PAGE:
Can Divining Rod pull off a Bernardini? Will the Pimlico racetrack be souped-up for a Dust Commander-like performance, or will weather dictate one resembling Bee Bee Bee's? Will American Pharoah continue to respond to his overseer's whip?
I wonder if New York horseplayers will decide to freshen up a bit between the final two legs? If so, the Red Sea of Long Island might part, opening the gates to all those wishing to take a ride in American Pharoah's chariot.
Written by Indulto
Thursday, April 23, 2015
Money Maker Moreno and Other Memories
Los Angeles, April 22, 2015--Although I'm usually turned off when owners name their horses after themselves, the name of last year's Whitney winner never bothered me because it always reminds me of the lovely and talented Rita Moreno, of whom I'm a big fan.
So when Moreno the horse won the Charles Town Classic, I had a vision of Moreno the actress/dancer doing the Charleston. Absent the real thing, I offer HRI readers this video
which definitely captured the experience.
What amazes me about Moreno is the frequency with which he has been underrated only to finish first or second, often rewarding his supporters with inflated vertical exotic payoffs.
That might not have occurred last Saturday had the over-hyped Shared Belief been able to apply his ability. It was unfortunate racing luck that the 3-10 favorite sustained an injury, a little more serious than was originally believed.
It wasn't the emotional drain many associate with Bernardini's Preakness victory at Barbaro's tragic expense, but rather was a ringing reminder that races are lost when least expected, the reasons too numerous to count.
There is no such thing as a sure thing, obviously. Even Secretariat had his issues, with the letter “W,” as in Wood, Whitney and Woodward.
My approach, then, is try to be prepared for the unexpected while attempting to leverage the expected. It's great when it works out, but it can be a long way between waterholes.
What I wasn't prepared for on Saturday was the unannounced $2.00 minimum on tickets containing dime super combinations, which HRI’s executive editor referenced earlier this week.
When I key multiple horses on top, doing so well beforehand, I usually break the ticket down into multiple tickets with one key so that I can cancel easily later if I change my mind, without having to resubmit a revised play just before post time.
Slow late-wagering response on the Internet often makes it impossible to revise or submit saved wagers. (Can we have more bandwidth, please)!
When a $1.80 bet was refused, I assumed Dime Supers weren't available, just like 50-Cent Trifectas. I didn't have time to pursue the matter further so I just played the top two slots as exactas.
Parenthetically, I wound up hitting two $1.00 Exactas because I also make standard saver-exacta boxes of the best previous race survivors.
Moreno helped foil a favorite for me again, just as he did when finishing second in the 2013 Travers. Since that race, he has rewarded his backers from both sides of the exacta with some regularity – often when he competed against a rival previously:
$156.50 - Travers - Will Take Charge-Moreno (Jim Dandy)
$10.50 - PA Derby - Will Take Charge-Moreno (Travers)
$191.25 - Suburban – Zivo-Moreno
$78.75 - Whitney – Moreno-Itsmyluckyday
$11.40 - Woodward – Itsmyluckyday-Moreno (Whitney)
$5.40 - Santa Anita Handicap – Shared Belief-Moreno (BC Classic)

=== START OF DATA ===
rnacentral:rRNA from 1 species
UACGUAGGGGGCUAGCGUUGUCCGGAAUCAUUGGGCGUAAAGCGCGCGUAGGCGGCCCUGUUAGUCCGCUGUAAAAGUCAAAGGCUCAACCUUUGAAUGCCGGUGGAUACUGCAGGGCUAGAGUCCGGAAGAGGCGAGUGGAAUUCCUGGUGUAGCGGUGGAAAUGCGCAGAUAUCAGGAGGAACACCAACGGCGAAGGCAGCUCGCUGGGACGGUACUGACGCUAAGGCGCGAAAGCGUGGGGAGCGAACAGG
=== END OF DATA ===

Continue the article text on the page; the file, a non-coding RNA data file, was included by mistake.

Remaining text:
$165.90 - Charles Town Classic – Moreno-Imperative (Santa Anita H’cap)
Whereas Dime Supers were my primary weapon last year, I've been frustrated this year by an increasing number of situations where I had the top two finishers but wound up with third and fourth reversed, using ALL on the 4th line.
But I'll always wonder whether--if I thought I could have--I would have expanded that $6.00 exacta box into a Dime Super play using ALL in the two bottom slots for $25.20, pulling off a $1,900.00 score.
Instead, I'll have to settle for learning what it is about Charles Town that makes Imperative want to dance.
Closing Down Your Golden Gate; NoCal Racing There It Goes
When I last visited Golden Gate Fields in the mid-1970s, I saw Diabolo beat eventual Belmont winner Avatar in the California Derby. That’s when the race had more significance than it has today.
The track was built on a landfill in the San Francisco Bay and there were more seagulls than horseplayers in attendance those days. Since, the quality of Northern California racing, along with interest in it, has eroded, a process that began even prior to the closing of Bay Meadows.
One could argue that the remainder of the stakes schedule isn't likely to attract higher-profile SoCal horses to any greater extent than does California Racing Fairs.
The last vestige of major league racing there now is the Grade III El Camino Derby because of its inclusion among qualifying Kentucky Derby preps.
So it was hardly surprising when representatives of The Stronach Group announced they were considering closing the track at a recent meeting of the California Horse Racing Board.
What precipitated the announcement was TSG's desire to deny racing dates to Stockton which no longer hosts a County Fair.
Golden Gate loses money because its racing product can't attract enough handle to be profitable, either on-track or off. If Jerry Hollendorfer decided to relocate his stable elsewhere, they might have to shut racing down immediately.
The main incentive to close, however, like Hollywood Park’s back in the day, is the value of the location of the land occupied by the track.
It sure sounds as if the Stronach Squeeze placed on Calder is about to head west. Maybe the seagulls will save NoCal racing from a horde of locusts. It will certainly require a higher power than the CHRB.
Written by Indulto